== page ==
In fact the Utopian experiments were fairly few, the underground’s ‘sexual liberation’ was blatantly phallic and at the expense of women, and the rigours of the market (whether in clothes, music or posters) continually crushed the attempts at producers collectives. Behind the successful hippy co-op stood either a longhaired accountant, a private income or simply a desperately low standard of living. As an almost symmetrical opposite of the crude-Marxist dismissal of the possibility of any cultural alternative while capitalism existed, the Tory hippy saw nothing but the this-sideness of the revolution in the here and now. Preparation, organisation, propaganda were all bullshitting evasions. While underground can take credit for returning to politics the revolutionary concerns of the Surrealists and the left-Freudians which post-war Marxism has somewhere managed to lose, it was often at the expense of any recognition whatsoever of class. The attempt to connect the politics of experience to the world of class and empire was too often simply a sleight of hand. Ronald Laing, that most canny of underground ideologues, could merely juxtapose schizophrenia and the bombing of North Vietnam, it has taken woman’s liberation as a movement and a theory to actually tease out the connections between sex, family and class within capitalism.
Even the much vaunted community organisations, whether openly radical, like Street Aid, informative like Bit or openly reformist like Release did little more than clear up the Underground’s own mess, a task for which the Home Office is entirely grateful.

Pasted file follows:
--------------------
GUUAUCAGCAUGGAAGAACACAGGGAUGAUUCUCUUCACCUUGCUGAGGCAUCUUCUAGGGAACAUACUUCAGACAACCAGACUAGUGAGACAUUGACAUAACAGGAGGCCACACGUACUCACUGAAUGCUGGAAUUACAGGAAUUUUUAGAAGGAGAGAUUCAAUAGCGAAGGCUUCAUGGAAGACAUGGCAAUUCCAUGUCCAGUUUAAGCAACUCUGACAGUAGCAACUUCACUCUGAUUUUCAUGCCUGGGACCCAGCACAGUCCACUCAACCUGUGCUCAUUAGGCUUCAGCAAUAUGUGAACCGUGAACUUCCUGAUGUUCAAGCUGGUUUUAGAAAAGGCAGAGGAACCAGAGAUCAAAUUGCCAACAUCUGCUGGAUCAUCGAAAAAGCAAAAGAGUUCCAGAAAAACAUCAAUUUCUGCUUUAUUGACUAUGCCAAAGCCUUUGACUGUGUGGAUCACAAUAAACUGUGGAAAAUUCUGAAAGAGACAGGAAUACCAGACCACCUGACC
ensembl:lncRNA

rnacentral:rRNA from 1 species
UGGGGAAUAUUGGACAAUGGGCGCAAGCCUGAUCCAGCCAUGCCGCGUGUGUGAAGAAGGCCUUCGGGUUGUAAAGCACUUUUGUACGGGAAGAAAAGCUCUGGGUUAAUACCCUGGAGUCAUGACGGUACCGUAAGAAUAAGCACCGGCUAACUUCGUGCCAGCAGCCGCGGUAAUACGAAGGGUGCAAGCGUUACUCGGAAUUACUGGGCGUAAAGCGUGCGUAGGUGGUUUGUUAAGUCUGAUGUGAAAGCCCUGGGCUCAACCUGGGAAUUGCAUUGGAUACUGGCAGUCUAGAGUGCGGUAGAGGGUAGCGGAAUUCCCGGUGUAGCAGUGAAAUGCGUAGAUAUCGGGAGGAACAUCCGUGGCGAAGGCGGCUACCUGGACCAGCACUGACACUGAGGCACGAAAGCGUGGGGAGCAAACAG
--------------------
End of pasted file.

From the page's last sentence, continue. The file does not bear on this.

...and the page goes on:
Finally all that was left was the music which middle-class London art students had adopted from the American urban black and synthesized into a weirdly defiant electric music. The cosy communism of the folk coteries engulfed by rock music which could draw half a million kids to one field in Britain and keep them there for a week of fine sounds from the bands and hippy platitudes from the promoter. It was these kids who accepted the attitudes which had once been the private property of a London avant-garde. It was these kids who naturally looked to the underground press for some of the answers so long suppressed by Fleet Street. The papers differed in their replies. OZ dazzled with its eclecticism, took Lenin seriously one week, flying saucers seriously the next. IT became political in a most formal and unhelpful way, publishing tracts on the Black Panthers, adopting a pig killing prose without the rudiments of a strategy to back up the verbal attacks on the police and affecting an imported rhetoric which imprisoned rather than explained. Frendz, based in the heart of Notting Hill reluctantly begun to jettison the good vibrations and demanded that the freaks defined themselves as an oppressed community and begin to fight back to realise their desires.